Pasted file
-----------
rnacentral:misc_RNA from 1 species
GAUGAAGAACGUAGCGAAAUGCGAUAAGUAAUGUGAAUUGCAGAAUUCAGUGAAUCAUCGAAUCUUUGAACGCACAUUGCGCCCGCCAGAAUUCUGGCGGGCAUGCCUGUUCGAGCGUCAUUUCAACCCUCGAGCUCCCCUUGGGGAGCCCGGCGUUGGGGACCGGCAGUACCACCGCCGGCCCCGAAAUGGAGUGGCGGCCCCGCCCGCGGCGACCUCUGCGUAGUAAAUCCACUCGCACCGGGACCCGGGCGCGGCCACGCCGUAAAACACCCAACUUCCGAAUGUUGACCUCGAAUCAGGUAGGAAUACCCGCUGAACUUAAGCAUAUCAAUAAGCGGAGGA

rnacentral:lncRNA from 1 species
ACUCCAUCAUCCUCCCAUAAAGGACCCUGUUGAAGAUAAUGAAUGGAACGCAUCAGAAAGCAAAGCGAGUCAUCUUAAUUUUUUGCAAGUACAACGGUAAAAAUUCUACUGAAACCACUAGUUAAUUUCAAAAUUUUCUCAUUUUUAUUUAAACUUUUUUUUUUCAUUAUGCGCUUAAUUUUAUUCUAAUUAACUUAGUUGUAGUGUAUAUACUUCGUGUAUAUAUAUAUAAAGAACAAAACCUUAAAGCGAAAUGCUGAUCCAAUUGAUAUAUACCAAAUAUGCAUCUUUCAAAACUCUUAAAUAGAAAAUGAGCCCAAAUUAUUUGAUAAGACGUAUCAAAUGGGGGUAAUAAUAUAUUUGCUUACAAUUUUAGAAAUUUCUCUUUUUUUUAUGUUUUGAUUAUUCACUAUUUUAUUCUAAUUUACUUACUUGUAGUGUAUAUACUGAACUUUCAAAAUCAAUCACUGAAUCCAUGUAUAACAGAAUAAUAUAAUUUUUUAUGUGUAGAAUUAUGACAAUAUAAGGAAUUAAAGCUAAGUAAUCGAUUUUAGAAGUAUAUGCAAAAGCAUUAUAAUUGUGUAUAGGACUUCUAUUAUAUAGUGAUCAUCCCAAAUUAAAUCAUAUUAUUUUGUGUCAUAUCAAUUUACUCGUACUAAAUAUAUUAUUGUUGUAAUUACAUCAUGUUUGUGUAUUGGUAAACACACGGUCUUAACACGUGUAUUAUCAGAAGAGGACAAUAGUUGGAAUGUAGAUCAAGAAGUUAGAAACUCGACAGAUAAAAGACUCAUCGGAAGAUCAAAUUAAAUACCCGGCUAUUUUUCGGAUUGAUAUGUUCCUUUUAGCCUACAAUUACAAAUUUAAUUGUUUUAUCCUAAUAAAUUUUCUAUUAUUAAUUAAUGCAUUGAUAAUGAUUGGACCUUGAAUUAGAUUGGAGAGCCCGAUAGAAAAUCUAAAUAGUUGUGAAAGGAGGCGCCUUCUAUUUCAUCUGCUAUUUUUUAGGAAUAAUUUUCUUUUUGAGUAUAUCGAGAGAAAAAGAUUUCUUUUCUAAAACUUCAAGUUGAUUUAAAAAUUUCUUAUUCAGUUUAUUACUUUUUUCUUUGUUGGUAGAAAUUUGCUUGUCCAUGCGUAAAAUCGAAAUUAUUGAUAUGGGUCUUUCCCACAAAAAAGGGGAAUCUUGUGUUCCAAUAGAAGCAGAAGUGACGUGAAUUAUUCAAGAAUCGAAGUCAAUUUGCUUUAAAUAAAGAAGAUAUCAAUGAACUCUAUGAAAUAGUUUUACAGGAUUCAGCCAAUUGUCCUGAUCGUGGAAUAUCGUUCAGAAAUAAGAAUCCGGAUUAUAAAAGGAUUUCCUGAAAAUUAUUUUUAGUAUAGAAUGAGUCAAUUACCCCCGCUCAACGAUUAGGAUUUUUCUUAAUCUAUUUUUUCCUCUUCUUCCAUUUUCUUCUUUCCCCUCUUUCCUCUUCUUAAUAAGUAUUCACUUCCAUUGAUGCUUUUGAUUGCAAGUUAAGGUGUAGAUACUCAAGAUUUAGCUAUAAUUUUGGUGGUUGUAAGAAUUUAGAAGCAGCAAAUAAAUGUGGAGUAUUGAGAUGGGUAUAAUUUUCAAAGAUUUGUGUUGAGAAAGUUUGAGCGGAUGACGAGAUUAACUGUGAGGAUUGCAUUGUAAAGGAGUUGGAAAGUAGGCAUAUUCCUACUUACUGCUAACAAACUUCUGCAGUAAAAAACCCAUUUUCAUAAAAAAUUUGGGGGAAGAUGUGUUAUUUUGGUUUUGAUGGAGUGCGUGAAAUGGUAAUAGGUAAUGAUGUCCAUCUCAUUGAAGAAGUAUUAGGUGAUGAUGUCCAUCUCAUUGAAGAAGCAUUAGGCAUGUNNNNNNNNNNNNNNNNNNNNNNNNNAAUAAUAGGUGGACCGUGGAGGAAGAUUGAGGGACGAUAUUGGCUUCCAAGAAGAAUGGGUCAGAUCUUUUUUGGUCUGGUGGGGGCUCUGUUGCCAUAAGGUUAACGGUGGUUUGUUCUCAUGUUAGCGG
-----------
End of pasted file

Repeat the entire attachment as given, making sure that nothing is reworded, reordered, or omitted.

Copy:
rnacentral:misc_RNA from 1 species
GAUGAAGAACGUAGCGAAAUGCGAUAAGUAAUGUGAAUUGCAGAAUUCAGUGAAUCAUCGAAUCUUUGAACGCACAUUGCGCCCGCCAGAAUUCUGGCGGGCAUGCCUGUUCGAGCGUCAUUUCAACCCUCGAGCUCCCCUUGGGGAGCCCGGCGUUGGGGACCGGCAGUACCACCGCCGGCCCCGAAAUGGAGUGGCGGCCCCGCCCGCGGCGACCUCUGCGUAGUAAAUCCACUCGCACCGGGACCCGGGCGCGGCCACGCCGUAAAACACCCAACUUCCGAAUGUUGACCUCGAAUCAGGUAGGAAUACCCGCUGAACUUAAGCAUAUCAAUAAGCGGAGGA

rnacentral:lncRNA from 1 species
ACUCCAUCAUCCUCCCAUAAAGGACCCUGUUGAAGAUAAUGAAUGGAACGCAUCAGAAAGCAAAGCGAGUCAUCUUAAUUUUUUGCAAGUACAACGGUAAAAAUUCUACUGAAACCACUAGUUAAUUUCAAAAUUUUCUCAUUUUUAUUUAAACUUUUUUUUUUCAUUAUGCGCUUAAUUUUAUUCUAAUUAACUUAGUUGUAGUGUAUAUACUUCGUGUAUAUAUAUAUAAAGAACAAAACCUUAAAGCGAAAUGCUGAUCCAAUUGAUAUAUACCAAAUAUGCAUCUUUCAAAACUCUUAAAUAGAAAAUGAGCCCAAAUUAUUUGAUAAGACGUAUCAAAUGGGGGUAAUAAUAUAUUUGCUUACAAUUUUAGAAAUUUCUCUUUUUUUUAUGUUUUGAUUAUUCACUAUUUUAUUCUAAUUUACUUACUUGUAGUGUAUAUACUGAACUUUCAAAAUCAAUCACUGAAUCCAUGUAUAACAGAAUAAUAUAAUUUUUUAUGUGUAGAAUUAUGACAAUAUAAGGAAUUAAAGCUAAGUAAUCGAUUUUAGAAGUAUAUGCAAAAGCAUUAUAAUUGUGUAUAGGACUUCUAUUAUAUAGUGAUCAUCCCAAAUUAAAUCAUAUUAUUUUGUGUCAUAUCAAUUUACUCGUACUAAAUAUAUUAUUGUUGUAAUUACAUCAUGUUUGUGUAUUGGUAAACACACGGUCUUAACACGUGUAUUAUCAGAAGAGGACAAUAGUUGGAAUGUAGAUCAAGAAGUUAGAAACUCGACAGAUAAAAGACUCAUCGGAAGAUCAAAUUAAAUACCCGGCUAUUUUUCGGAUUGAUAUGUUCCUUUUAGCCUACAAUUACAAAUUUAAUUGUUUUAUCCUAAUAAAUUUUCUAUUAUUAAUUAAUGCAUUGAUAAUGAUUGGACCUUGAAUUAGAUUGGAGAGCCCGAUAGAAAAUCUAAAUAGUUGUGAAAGGAGGCGCCUUCUAUUUCAUCUGCUAUUUUUUAGGAAUAAUUUUCUUUUUGAGUAUAUCGAGAGAAAAAGAUUUCUUUUCUAAAACUUCAAGUUGAUUUAAAAAUUUCUUAUUCAGUUUAUUACUUUUUUCUUUGUUGGUAGAAAUUUGCUUGUCCAUGCGUAAAAUCGAAAUUAUUGAUAUGGGUCUUUCCCACAAAAAAGGGGAAUCUUGUGUUCCAAUAGAAGCAGAAGUGACGUGAAUUAUUCAAGAAUCGAAGUCAAUUUGCUUUAAAUAAAGAAGAUAUCAAUGAACUCUAUGAAAUAGUUUUACAGGAUUCAGCCAAUUGUCCUGAUCGUGGAAUAUCGUUCAGAAAUAAGAAUCCGGAUUAUAAAAGGAUUUCCUGAAAAUUAUUUUUAGUAUAGAAUGAGUCAAUUACCCCCGCUCAACGAUUAGGAUUUUUCUUAAUCUAUUUUUUCCUCUUCUUCCAUUUUCUUCUUUCCCCUCUUUCCUCUUCUUAAUAAGUAUUCACUUCCAUUGAUGCUUUUGAUUGCAAGUUAAGGUGUAGAUACUCAAGAUUUAGCUAUAAUUUUGGUGGUUGUAAGAAUUUAGAAGCAGCAAAUAAAUGUGGAGUAUUGAGAUGGGUAUAAUUUUCAAAGAUUUGUGUUGAGAAAGUUUGAGCGGAUGACGAGAUUAACUGUGAGGAUUGCAUUGUAAAGGAGUUGGAAAGUAGGCAUAUUCCUACUUACUGCUAACAAACUUCUGCAGUAAAAAACCCAUUUUCAUAAAAAAUUUGGGGGAAGAUGUGUUAUUUUGGUUUUGAUGGAGUGCGUGAAAUGGUAAUAGGUAAUGAUGUCCAUCUCAUUGAAGAAGUAUUAGGUGAUGAUGUCCAUCUCAUUGAAGAAGCAUUAGGCAUGUNNNNNNNNNNNNNNNNNNNNNNNNNAAUAAUAGGUGGACCGUGGAGGAAGAUUGAGGGACGAUAUUGGCUUCCAAGAAGAAUGGGUCAGAUCUUUUUUGGUCUGGUGGGGGCUCUGUUGCCAUAAGGUUAACGGUGGUUUGUUCUCAUGUUAGCGG